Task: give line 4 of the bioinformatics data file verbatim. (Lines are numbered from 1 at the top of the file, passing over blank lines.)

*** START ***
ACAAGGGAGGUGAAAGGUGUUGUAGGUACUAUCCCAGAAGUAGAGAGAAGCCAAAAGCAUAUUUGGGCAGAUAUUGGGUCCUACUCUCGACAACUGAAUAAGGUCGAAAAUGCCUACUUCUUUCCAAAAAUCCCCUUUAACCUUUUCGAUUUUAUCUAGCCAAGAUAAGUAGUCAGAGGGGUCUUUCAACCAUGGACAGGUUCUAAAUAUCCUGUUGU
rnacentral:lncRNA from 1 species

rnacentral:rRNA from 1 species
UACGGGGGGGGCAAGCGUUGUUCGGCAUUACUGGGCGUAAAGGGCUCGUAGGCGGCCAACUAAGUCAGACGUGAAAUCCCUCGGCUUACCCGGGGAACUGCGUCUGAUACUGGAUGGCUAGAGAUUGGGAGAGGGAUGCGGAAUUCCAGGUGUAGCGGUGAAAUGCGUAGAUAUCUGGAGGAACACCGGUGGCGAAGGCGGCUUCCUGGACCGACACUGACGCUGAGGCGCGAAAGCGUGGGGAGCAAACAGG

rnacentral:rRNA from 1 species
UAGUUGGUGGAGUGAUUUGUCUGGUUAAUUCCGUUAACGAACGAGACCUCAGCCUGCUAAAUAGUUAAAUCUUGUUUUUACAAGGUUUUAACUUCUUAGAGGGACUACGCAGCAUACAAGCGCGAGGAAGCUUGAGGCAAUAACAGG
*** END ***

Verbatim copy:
UACGGGGGGGGCAAGCGUUGUUCGGCAUUACUGGGCGUAAAGGGCUCGUAGGCGGCCAACUAAGUCAGACGUGAAAUCCCUCGGCUUACCCGGGGAACUGCGUCUGAUACUGGAUGGCUAGAGAUUGGGAGAGGGAUGCGGAAUUCCAGGUGUAGCGGUGAAAUGCGUAGAUAUCUGGAGGAACACCGGUGGCGAAGGCGGCUUCCUGGACCGACACUGACGCUGAGGCGCGAAAGCGUGGGGAGCAAACAGG